Jobs Bill, Sliced And Diced.

Journalistically, it's hard to come up with a fresh angle for this story: The Senate is paring down an already stingy piece of jobs legislation after a vote yesterday failed to pass the original motion.

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Those are your no-votes, dear reader. With unemployment forecast to remain unreasonably high for years to come, Congress seems unwilling to invest in fiscal stimulus or even to craft legislation that might encourage broader private sector growth, like a new energy bill. These are the members who don't think we should tax the income of hedge funders and private equity managers the same as someone working minimum wage, the senators who think that the next few years of anemic growth and unemployment will resolve itself without government intervention. The legislators who believe that it's alright for states and cities to slash their budgets, cutting jobs people desperately need.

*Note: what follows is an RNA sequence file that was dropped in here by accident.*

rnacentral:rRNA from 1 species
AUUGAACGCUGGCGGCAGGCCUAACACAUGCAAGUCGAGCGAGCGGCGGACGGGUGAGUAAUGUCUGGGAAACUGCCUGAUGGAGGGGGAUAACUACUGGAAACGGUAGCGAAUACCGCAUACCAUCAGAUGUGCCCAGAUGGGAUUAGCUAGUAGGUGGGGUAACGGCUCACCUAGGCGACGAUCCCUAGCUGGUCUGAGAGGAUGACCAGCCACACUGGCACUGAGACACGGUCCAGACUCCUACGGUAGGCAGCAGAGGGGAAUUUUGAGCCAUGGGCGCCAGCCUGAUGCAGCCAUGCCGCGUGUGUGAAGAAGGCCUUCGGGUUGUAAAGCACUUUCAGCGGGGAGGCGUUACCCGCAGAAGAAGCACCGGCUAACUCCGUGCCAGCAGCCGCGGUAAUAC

The American economic doldrums of the seventies were summed up with the term "stagflation." Since there seems to be no will to do anything productive about our current situation, and little promise of a better approach next year, perhaps we'd best come up with a new portmanteau. Somehow we can jam together "unemployment," "deflation" and "stagnation": Maybe "stunemflation"?

-- Tim Fernholz

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